!DOCTYPE html PUBLIC "-//W3C//DTD XHTML 1.0 Strict//EN" "http://www.w3.org/TR/xhtml1/DTD/xhtml1-strict.dtd"> Streamline Training & Documentation: A Study of Google's Prediction Markets

Tuesday, July 07, 2009

A Study of Google's Prediction Markets

In January of this year, Bo Cowgill (Google, Inc.), Justin Wolfers (Wharton School), and Eric Zitzewitz (Dartmouth College) published the results of their research (pdf) concerning how prediction markets at Google function, both in terms of the accuracy of the predictions generated and in terms of what they tell us about how information moves around the company.

With respect to the accuracy of predictions generated, the question can be rephrased as "How efficient are Google's prediction markets? How reliably do the prices in the markets reflect the actual probabilities of the events the markets are assessing? (An example of an event would be "Gmail having between X and Y users" at the end of the current quarter.)

Cowgill, Wolfers, and Zitzewitz (CWZ) found that the efficiency of Google's prediction markets is somewhat reduced by four biases:
  • Optimism — Participants tended to overestimate the likelihood of outcomes favorable to Google. This was the most pronouced bias CWZ found, and it was particularly strong on and following days when Google stock appreciated.

    Note that this bias "exists entirely in the two categories of contracts where outcomes are most directly under the control of Google employees: company news (e.g., office openings) and performance (e.g., project completion and product quality). Markets on demand and external news with implications for Google are not optimistically biased."

  • Aversion to betting on extreme outcomes — Participants tended to underprice extreme incomes.

  • Attraction to favorites and aversion to longshots — Participants tended to slightly overprice outcomes with short odds, and to slightly underprice outcomes with long odds.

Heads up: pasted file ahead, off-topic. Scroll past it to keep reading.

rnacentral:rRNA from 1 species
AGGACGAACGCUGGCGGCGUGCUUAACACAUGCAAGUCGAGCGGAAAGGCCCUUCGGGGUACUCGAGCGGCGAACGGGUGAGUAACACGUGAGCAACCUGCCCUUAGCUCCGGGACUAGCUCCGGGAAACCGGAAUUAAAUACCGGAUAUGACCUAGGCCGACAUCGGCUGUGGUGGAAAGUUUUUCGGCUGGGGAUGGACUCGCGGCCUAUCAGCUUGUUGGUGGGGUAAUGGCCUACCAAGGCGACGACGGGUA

• Aversion to short selling — CWZ found that returns from purchasing securities (as opposed to selling securities) were negative and statistically significant on average.

    CWZ comment, "As further evidence of short aversion, in order book snapshots collected each time an order was placed, we found 1,747 instances where the bid prices of the securities in a particular market added to more than 1, implying an arbitrage opportunity (from buying a bundle of securities for $1 and then selling the components). In [contrast], we found only 495 instances where the ask prices added to less than 1 (implying an arbitrage opportunity of buying the components of a bundle for less than $1 and then exchanging the bundle)."
In their discussion of these four biases in prices, CWZ note that they were
partly driven by the trading of newly hired employees; Google employees with longer tenure and more experience trading in the markets were better calibrated. Perhaps as a result, the pricing biases in Google’s markets declined over our sample period [second quarter of 2005 to third quarter of 2007], suggesting that corporate prediction markets may perform better as collective experience increases.
With respect to the question of how Google as an organization processes information (more precisely, "information and beliefs about prediction market topics"), CWZ report several findings concerning correlations in trading behavior:
  • Close geographic proximity matters. Market participants "who share an office or whose offices are located within a few feet on the same floor" appear to make correlated trades.

  • Organizational proximity matters. "[T]he single best explanator [of participants' displaying correlated trading] is being within one or two steps on the organization chart (i.e., sharing a manager, being someone’s manager, or being someone’s manager’s manager)."

  • Work history matters. Participants with a history of reviewing each other's code or overlapping on a project also tended to display correlated trading patterns.

  • Social connections — measured in terms of a self-reported professional relationship, self-reported friendship, and the number of overlapping email lists — don't seem to play much of a role in explaining correlated trading.

  • Demographic factors do not seem to play a role in explaining correlated trading.
CWZ close with a caveat:
[O]ur results ... tell us about information flows about prediction market subjects, many of which are ancillary to employees’ main jobs. This may explain why physical proximity matters more than work relationships — if prediction market topics are lower-priority subjects on which to exchange information, then information exchange may require the opportunities for low-opportunity-cost communication created by physical proximity. Of course, introspection suggests that genuinely creative ideas often arise from such low-opportunity-cost communication. Google’s frequent office moves and emphasis on product innovation may provide an ideal testing ground in which to better understand the creative process.